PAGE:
Lessons learned from the world trade center disaster: Emergency Preparedness for People with Disabilities in New York September 2004 contents


from the website of the New Jersey Developmental Disabilities Council



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from the website of the New Jersey Developmental Disabilities Council
(It took over two years for PATH service to the World Trade Center site to be restored.)


  1. Disasters disrupt daily life arrangements for all, but people with disabilities have more trouble putting things back together.




  • Many disabled residents could not clean the hazardous dust and debris from their apartments themselves nor were their caretakers, who could have assisted with this task, allowed into the Frozen Zone for many days.

  • Some people with disabilities who had to leave their homes had even more trouble than people without disabilities finding new affordable housing in New York City’s extremely tight and expensive real estate market. In addition, New York City’s rental housing stock, being older than that in most areas around the United States, is composed of less accessible units for people with mobility impairments.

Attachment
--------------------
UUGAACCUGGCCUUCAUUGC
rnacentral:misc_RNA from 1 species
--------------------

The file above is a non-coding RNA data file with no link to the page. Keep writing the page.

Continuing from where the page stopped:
• People with disabilities tend to face multiple obstacles to finding work. It is difficult for them to get essential skills and education, to find employers who will hire them, and to find jobs that provide the accommodations they need to function. Those who lost jobs due to the WTC attack faced even tougher job searches than all other New Yorkers who became unemployed during the post-disaster economic slump.

  • Computer systems governing public assistance, food stamps, and Medicaid failed, as central offices of city agencies were in the area damaged by the attack. Some food stamp recipients whose benefits were cut off by computer failures were able to walk to food pantries and soup kitchens to get groceries. People who couldn’t walk far enough, or couldn’t wait in line and carry home a load of groceries, were unable to get emergency food.



GM was a resident of Battery Park City who had paraplegia. When forced to leave his apartment, he found a new one. However, to be accessible to him, it needed modifications, and his landlord would not allow him to make them. This was a violation of fair housing rules, which permit tenants to modify their apartments for accessibility as long as they agree to return them to their original condition when they move out.


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